Why does this particular drawing hold such a place in my heart and memories? Well, I think any parent will have half an idea already. I mean, what parent doesn’t possess some treasured item of their children’s childhood, but for me, whenever I glance at this picture it brings back a memory of the day and circumstances when I first saw it. I’d just moved into a new and freshly decorated flat. The front-room was wall-papered but with a waist high white area along the bottom. But to Liam, that shiny white painted area represented an enormous canvas for him to practice his drawing skills on. When I returned home from work I could his see his colourful efforts reaching all the way along from the living room door, stretching behind the sofa that was a foot or so away from the wall, right as far as the glass patio doors. Needless to say I wasn’t amused…

BLOGPIC1“Oh he didn’t mean, he was just playing,” Liam’s grandma said when she saw the less than happy look on my face. “He didn’t know it was naughty to draw on the walls, I’ll have a quiet word later.”

“Didn’t know? So why is he peeking out from behind the sofa with that cheeky grin on his face?” I replied, unconvinced by her defence of the little lad’s artistry, turning my head back in Liam’s direction whose little smiling face was still half peering out from his hiding place. His gran ignored my question, choosing instead to change the subject:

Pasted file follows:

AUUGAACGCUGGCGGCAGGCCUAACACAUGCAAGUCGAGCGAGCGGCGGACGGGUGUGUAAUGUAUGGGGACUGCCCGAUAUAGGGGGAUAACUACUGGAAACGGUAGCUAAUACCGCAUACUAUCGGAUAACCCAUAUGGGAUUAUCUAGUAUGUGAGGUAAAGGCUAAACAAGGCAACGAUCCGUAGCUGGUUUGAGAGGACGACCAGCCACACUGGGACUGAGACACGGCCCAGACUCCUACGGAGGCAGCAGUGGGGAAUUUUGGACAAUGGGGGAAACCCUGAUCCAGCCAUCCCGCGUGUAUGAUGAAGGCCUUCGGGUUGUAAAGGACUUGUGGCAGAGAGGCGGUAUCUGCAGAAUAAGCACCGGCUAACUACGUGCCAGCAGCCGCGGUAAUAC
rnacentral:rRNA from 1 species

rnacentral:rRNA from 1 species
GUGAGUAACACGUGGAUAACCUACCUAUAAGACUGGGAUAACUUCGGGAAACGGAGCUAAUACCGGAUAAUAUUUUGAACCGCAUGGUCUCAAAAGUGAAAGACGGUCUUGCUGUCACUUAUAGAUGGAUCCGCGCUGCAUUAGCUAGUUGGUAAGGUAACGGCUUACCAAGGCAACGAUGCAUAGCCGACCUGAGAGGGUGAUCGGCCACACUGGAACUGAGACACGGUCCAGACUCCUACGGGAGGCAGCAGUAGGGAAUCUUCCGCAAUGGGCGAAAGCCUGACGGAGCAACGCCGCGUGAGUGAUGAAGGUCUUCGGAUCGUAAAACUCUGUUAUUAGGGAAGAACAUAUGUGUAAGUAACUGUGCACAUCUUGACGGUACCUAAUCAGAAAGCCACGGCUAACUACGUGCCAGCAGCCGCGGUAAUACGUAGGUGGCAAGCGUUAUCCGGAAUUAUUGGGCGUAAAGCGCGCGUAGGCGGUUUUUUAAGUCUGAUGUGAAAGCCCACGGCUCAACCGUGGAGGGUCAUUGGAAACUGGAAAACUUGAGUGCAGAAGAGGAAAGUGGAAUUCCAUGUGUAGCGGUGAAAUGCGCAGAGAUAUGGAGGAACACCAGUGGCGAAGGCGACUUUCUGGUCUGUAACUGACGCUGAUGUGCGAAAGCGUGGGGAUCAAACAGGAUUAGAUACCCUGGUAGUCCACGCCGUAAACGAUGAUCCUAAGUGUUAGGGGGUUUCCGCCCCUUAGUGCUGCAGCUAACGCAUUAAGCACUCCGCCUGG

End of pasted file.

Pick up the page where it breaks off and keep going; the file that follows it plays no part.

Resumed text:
“Oh before I forget, he brought a drawing home for you, it’s on the kitchen table.”

Liam’s smile had grown even bigger and he was nodding his head at the mention of his drawing. I don’t why but my initial anger just disappeared. It was probably the first bit of real mischief and naughtiness he’d gotten into since the death of his mum a year earlier, and for some reason I couldn’t help but give a silent chuckle. Liam still remembered her. My son’s picture was a welcome and timely reminder that life goes on…

Join in the “Cherished” blogfest for 2015…

Blogging for me has opened up a world of writing opportunities, not to mention the joy of making many new writing friends around the world; the “Cherished” blogfest referred to in the title is the brainchild of my fellow blog friend Damyanti, and is a great opportunity to expand your blogging network of friends so please join me and my fellow co-host bloggers: Damyanti Ghosh, Sharukh Bamboat, Dan Antion, Peter Nena.